The test of reasonableness under the Fourth
  Amendment is not capable of precise definition or
  mechanical application. In each case it requires a
  balancing of the need for the particular search
  against the invasion of personal rights that the
  search entails. Courts must consider the scope of the
  particular intrusion, the manner in which it is
  conducted, the justification for initiating it, and
  the place in which it is conducted. . . . A detention
  facility is a unique place fraught with serious
  security dangers. Smuggling of money, drugs, weapons,
  and other contraband is all too common an occurrence,
  And inmate attempts to secrete these items into the
  facility by concealing them in body cavities are
  documented in this record, App. 71-76, and in other
  cases . . . That there has been only one instance
  where an MCC inmate was discovered attempting to
  smuggle contraband into the institution on his person
  may be more a testament to the effectiveness of this
  search technique as a deterrent than to any lack of
  interest on the part of the inmates to secrete and
  import such items when the opportunity arises. We do
  not underestimate the degree to which these searches
  may invade the personal privacy of inmates. Nor do we
  doubt . . . that on occasion a security guard may
  conduct the search in an abusive fashion. . . . Such
  abuse cannot be condoned. The searches must be
  conducted in a reasonable manner. . . . But we deal
  here with the question whether visual body-cavity
  inspections . . . can ever be conducted on less than
  probable cause. Balancing the significant and
  legitimate security interests of the institution
  against the privacy interests of the inmates, we
  conclude that they can.

Our Court of Appeals has recently confirmed the incorrectness of defendants' per se reading of Wolfish. Tikalsky v. City of Chicago, 687 F.2d 175, 181-82 nn. 10-1l (7th Cir. 1982). In so doing it pointed to three post-Wolfish cases where strip searches were found unconstitutional under the circumstances. Id., at 182 n. 12.

For Roscom's Complaint to survive a motion to dismiss, it is enough that strip searches may be unconstitutional. Individual County defendants' claimed policy justifications for their practices (Mem. 2; R.Mem. 3-5, 6, 8-10) are not germane to a Rule 12(b)(6) motion; They go to whether or not, on the facts, the strip search of Roscom was unreasonable. As for the present question-whether that strip search might have been unreasonable-Wolfish and Tikalsky command both an affirmative answer to that question and denial of individual County defendants' motion.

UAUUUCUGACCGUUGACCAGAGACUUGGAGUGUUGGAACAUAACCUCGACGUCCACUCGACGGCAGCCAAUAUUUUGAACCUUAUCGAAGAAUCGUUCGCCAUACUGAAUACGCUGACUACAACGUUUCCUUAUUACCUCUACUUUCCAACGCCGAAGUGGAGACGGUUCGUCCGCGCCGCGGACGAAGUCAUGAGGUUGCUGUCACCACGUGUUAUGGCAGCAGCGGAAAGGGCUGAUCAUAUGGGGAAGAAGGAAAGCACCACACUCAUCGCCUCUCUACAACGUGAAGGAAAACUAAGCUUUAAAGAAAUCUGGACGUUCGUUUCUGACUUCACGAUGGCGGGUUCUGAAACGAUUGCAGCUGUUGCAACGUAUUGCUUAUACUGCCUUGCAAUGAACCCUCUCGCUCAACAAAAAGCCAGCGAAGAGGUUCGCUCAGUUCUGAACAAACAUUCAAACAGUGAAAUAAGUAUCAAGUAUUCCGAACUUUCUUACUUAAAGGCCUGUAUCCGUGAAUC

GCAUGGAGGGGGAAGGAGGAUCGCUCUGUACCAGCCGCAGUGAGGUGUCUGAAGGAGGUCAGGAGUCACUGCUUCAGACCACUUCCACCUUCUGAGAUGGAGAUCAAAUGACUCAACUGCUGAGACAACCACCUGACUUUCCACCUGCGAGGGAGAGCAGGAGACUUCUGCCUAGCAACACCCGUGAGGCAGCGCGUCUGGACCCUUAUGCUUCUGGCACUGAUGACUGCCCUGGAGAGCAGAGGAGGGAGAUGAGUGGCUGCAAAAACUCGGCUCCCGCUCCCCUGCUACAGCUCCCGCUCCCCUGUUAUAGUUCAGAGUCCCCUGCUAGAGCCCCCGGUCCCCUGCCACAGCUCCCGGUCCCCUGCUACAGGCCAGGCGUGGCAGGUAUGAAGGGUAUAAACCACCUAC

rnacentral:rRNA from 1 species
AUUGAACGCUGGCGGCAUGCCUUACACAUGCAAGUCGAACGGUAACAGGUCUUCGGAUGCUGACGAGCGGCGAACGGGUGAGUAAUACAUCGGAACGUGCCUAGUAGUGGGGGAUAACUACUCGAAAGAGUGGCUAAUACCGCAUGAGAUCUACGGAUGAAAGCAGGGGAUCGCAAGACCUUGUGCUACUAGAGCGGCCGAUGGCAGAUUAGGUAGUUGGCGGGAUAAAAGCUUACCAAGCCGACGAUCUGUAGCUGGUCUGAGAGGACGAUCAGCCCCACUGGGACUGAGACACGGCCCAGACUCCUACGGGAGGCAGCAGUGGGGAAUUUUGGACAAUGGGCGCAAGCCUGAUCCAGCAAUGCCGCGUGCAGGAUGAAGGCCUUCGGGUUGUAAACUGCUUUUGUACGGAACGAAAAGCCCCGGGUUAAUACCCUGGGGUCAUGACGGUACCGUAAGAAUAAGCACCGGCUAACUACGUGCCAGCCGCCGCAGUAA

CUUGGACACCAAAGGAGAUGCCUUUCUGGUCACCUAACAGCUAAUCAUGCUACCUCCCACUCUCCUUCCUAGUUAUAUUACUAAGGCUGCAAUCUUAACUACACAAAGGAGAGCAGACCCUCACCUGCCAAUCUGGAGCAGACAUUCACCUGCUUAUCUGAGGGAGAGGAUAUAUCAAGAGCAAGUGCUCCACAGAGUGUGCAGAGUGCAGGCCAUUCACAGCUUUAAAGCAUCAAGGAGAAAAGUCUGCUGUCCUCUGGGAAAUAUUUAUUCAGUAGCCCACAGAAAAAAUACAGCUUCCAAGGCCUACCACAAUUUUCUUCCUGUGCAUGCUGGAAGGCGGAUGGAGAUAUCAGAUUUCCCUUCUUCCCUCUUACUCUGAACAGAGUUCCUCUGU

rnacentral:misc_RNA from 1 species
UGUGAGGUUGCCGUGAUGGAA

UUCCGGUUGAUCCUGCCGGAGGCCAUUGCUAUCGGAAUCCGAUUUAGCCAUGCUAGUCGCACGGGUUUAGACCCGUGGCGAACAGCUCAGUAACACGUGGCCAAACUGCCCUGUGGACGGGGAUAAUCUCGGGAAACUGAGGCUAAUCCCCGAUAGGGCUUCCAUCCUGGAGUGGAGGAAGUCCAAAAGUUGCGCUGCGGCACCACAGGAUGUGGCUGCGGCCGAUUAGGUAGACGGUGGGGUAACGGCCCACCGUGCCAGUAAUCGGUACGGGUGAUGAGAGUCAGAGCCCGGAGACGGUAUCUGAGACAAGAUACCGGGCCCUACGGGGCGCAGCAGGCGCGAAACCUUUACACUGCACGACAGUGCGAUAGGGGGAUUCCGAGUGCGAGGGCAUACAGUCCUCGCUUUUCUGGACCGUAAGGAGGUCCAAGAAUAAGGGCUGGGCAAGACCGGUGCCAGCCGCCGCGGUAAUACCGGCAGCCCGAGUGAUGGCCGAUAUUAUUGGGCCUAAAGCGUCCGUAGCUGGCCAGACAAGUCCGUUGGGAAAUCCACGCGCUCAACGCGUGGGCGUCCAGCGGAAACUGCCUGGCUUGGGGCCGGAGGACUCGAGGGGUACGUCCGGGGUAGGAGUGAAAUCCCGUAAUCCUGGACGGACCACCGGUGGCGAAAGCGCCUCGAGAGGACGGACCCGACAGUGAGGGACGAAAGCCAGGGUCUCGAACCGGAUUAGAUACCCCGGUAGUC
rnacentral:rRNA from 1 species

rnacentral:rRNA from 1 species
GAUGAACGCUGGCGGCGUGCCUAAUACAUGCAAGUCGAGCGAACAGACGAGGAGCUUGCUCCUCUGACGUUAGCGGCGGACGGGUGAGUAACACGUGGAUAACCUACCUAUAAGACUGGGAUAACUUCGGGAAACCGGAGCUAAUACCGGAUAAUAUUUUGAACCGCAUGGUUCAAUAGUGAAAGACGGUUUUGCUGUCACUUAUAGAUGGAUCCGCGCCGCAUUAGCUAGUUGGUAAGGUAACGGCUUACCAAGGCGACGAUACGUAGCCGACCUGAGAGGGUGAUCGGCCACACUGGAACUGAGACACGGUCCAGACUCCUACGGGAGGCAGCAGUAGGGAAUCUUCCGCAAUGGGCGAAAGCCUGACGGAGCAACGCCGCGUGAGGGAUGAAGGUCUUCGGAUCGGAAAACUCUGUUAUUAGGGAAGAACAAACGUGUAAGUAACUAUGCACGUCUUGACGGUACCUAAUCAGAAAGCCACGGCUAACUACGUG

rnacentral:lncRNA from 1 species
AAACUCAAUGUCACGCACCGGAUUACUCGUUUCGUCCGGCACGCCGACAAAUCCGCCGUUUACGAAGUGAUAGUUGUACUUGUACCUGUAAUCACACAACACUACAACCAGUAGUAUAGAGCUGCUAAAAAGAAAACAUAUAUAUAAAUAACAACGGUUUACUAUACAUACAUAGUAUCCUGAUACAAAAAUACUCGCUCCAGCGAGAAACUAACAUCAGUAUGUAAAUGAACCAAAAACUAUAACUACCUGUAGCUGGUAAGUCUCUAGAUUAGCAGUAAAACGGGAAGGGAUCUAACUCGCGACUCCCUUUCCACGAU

3. Liability of Hardiman and Elrod

In Crowder our Court of Appeals recently defined indirect individual responsibility for Section 1983 deprivations (687 F.2d at 1005):

  . . . a defendant's direct participation in the
  deprivation is not required. An official satisfies the
  personal responsibility requirement of section 1983 if
  she acts or fails to act with a deliberate or reckless
  disregard of plaintiff's constitutional rights, or if
  the conduct causing the constitutional deprivation
  occurs at her direction or with her knowledge and

Thus the fact Hardiman and Elrod did not personally conduct Roscom's strip search is not determinative of their potential individual liability.

Complaint ¶ 3c alleges Jail Executive Director Hardiman is responsible for implementing the police policies within Cook County Jail. Substantially the same allegation of responsibility is made of Shariff Elrod (Complaint ¶ 3e).

Such supervisory officers may be responsible under Section 1983 if their actions in some way cause the alleged constitutional deprivation. See Rizzo, 423 U.S. at 371, 96 S.Ct. at 604; see also Crowder, 687 F.2d at 1005-06 (comparing degrees of participation in unconstitutional deprivation). Again, the ultimate liability of Hardiman and Elrod will depend on facts adduced by later proceedings. For Rule 12(b)(6) purposes, however, the Complaint survives individual County defendants' motion to dismiss.

4. County's Liability For Punitive Damages

Roscom prays $100,000 punitive damages from defendants "and each of them" as an undifferentiated class. County cannot be liable for punitive damages in a Section 1983 action. City of Newport v. Fact Concerts, Inc., 453 U.S. 247, 271, 101 S.Ct. 2748, 2762, 69 L.Ed.2d 616 (1981). This Court sua sponte strikes the punitive damages claim against County.


City defendants' motion to dismiss is granted. Individual County defendants' motion to dismiss is denied. Roscom's punitive damages claim is stricken as to County. All County defendants are ordered to answer the Complaint on or before November 15, 1982.